Born in England and raised all over the globe, J.A.W. Cooper has now settled herself in downtown Los Angeles. Developing her love of everything natural as she gallivanted around the world in her youth, it’s obvious in her artworks that she has an affinity with nature. Drawing inspiration from Curio shops, Natural History Museums and her collection of animal skulls, Cooper is inspired by the grotesque, alien and flawed. In between her busy schedule of freelance illustration and exhibitions, she was kind enough to have a quick chat to us about lions and tigers and hairless cats, oh my!
So, let’s talk about nipples. Your lovely ladies are often depicted in little to no clothing, have you ever run into any problems with censorship on Facebook or Instagram?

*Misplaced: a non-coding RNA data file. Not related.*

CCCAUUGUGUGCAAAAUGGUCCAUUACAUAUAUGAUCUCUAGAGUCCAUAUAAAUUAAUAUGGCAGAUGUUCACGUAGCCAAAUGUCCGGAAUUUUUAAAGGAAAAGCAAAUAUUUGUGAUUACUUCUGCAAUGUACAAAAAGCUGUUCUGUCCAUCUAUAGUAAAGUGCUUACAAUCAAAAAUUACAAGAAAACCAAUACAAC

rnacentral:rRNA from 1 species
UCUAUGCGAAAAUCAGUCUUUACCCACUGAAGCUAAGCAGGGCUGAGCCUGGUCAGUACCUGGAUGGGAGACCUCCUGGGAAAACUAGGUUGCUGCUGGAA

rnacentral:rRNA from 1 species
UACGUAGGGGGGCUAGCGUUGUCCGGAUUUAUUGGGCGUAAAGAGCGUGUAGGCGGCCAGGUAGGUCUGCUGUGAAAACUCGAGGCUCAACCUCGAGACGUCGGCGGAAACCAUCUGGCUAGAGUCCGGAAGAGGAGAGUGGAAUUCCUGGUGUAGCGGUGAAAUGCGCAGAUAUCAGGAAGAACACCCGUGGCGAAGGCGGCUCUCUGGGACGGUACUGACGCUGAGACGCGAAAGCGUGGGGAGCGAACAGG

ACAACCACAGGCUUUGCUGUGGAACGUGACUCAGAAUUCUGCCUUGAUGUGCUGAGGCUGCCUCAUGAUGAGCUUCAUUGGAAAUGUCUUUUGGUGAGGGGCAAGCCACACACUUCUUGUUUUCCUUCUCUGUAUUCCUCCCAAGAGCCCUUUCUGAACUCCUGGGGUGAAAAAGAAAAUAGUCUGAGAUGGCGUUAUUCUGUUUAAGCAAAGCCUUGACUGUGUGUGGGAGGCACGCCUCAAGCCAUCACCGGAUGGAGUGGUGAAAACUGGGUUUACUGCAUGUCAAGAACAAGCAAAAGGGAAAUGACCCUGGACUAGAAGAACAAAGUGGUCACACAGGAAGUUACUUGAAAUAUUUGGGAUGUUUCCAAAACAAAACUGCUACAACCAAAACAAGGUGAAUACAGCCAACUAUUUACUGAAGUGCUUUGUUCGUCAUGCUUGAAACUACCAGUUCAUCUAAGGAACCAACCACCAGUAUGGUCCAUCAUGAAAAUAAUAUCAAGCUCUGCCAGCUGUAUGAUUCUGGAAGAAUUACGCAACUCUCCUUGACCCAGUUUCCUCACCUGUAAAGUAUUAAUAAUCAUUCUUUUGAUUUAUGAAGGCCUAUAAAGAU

No, but I certainly have friends who have had their accounts closed because of nipples in artwork; which seems ridiculous to me but I don’t make the rules. I used to censor my images but it was a pain and confused people, so I figure I’ll keep showing my work in full until told otherwise.
You feature felines quite frequently throughout your work, what is it in particular that fascinates you about cats? And more importantly, do you have any pets?
I am fascinated by all animals but cats and large cats in particular have that certain ju ne se quois; which is french for the “ability to eviscerate you in one swift movement.” Earnestly I love the athleticism and power of their bodies and the grace of their movements. To many they are the embodiment of wildness and even the domesticated variety can easily revert to a feral existence.
What do you find is the most challenging part about being an artist?